I assumed that UM professors who consider the textbooks in their heads to be better than those that are actually in print would see the opportunity to easily convert the books in their minds into physical form without having to convince a publisher to pay them to write the book. Professor-authors could then sell these books to captive buyers in the forms of their students. This hasn’t happened to any significant degree as yet, most likely because the idea hasn’t dawned on them yet apparently because most of them are unaware of the EBM’s existence and capabilities. When they do, grad students will be tasked with creating the PDFs to input to the machine. Whether professors will actually write the books or if that task will be delegated to grad students will vary on a case-by-case basis.

Espresso Book Machine Redux

November 11, 2010

A little over a year ago I attempted and failed to see an Espresso Book Machine actually create a book at the University of Michigan Undergraduate Library (see . Last Friday, I had the opportunity to try again. I feared the worst when, upon arriving at the library, it was under construction, probably for remodeling and/or expansion. After finding our way into the building (as a UM alum, my wife knows her way around the campus—at least the way it was when she was an undergrad), the machine wasn’t where it used to be because that area had been changed into something else. The person at the reference desk knew they had such a machine but didn’t know where it had been moved. Fortunately, the two students working at the reference desk across this very large room did know and pointed it out to us as being next to a glassed-in area in this same large room.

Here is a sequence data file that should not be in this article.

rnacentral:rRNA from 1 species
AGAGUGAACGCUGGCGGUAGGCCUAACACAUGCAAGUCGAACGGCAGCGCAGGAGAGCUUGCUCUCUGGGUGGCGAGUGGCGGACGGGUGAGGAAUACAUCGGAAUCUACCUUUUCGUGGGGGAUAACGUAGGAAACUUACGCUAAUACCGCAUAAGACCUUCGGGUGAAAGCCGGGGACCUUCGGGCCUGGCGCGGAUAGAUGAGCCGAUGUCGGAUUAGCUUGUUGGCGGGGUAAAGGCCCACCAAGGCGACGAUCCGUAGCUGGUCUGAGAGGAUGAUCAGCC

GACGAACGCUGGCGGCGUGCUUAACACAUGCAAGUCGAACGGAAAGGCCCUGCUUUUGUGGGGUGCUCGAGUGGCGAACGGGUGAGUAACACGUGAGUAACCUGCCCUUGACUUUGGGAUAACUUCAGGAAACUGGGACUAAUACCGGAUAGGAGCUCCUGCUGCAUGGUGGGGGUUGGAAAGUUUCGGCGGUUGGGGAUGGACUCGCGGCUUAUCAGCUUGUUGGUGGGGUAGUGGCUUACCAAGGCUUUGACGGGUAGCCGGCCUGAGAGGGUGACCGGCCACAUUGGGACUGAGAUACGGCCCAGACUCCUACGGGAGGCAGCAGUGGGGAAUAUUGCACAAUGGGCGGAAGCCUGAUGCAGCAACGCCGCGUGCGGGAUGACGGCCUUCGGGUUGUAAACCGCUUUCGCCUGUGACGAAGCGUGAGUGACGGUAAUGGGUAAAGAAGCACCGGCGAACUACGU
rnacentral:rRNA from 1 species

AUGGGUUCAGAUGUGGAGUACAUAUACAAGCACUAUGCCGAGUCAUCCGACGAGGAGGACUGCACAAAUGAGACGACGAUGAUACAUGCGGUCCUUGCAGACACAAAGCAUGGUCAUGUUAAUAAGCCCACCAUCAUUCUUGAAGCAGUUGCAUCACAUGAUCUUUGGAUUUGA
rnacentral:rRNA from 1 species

We timed our visit to the library to coincide with the machine’s operating hours (10:00 a.m. to 12:00 p.m. weekdays). Two young women demonstrated the machine to us while printing a book that was part of an order of 60 or 80 copies of a single book from a campus organization. The printing of the bookblock took longer than usual because the regular printer is in the shop and a slower replacement was being used at the time. Watching the EBM assemble the book and trimming it to size was the most interesting part. The cover had a bulge on it along the top of the spine. The operator said that every so often the glue blobs up like that but that it isn’t a major problem.

Thousands, if not millions, of titles are available to be printed. They come from four major groups: 1) those made available by Lightning Source, Ingram’s print on demand arm, 2) books submitted electronically to it by local authors, 3) books that have been scanned by Google (Michigan’s entire collection was scanned), and 4) advance review copies for books to be published by the University of Michigan University Press. The woman went on to explain that they only printed out of copyright books or those for which permission had been granted.

More about the EBM next time.

Update on Taping Interviews

October 19, 2010

I have an update on the recent blog about keeping interview tapes. I received a note from the son of the lady mentioned in that blog. Follows is an extract from what he wrote, modified only to protect the family’s privacy:

Dear Tom,

The DVD you gave us this past Tuesday night was like a gift from heaven. As I started to watch it, it became like a magnet as the rest of the family began to fill the room.

Remembering my mother’s last dying days with the physical changes all so often present on elderly who are near death was really difficult. The DVD interview was “vintage Mom,” the woman we could all relate to with love and respect. To hear her voice again and see her mannerisms was truly a timely gift to ease the grieving process. The entire family wishes to thank you very much.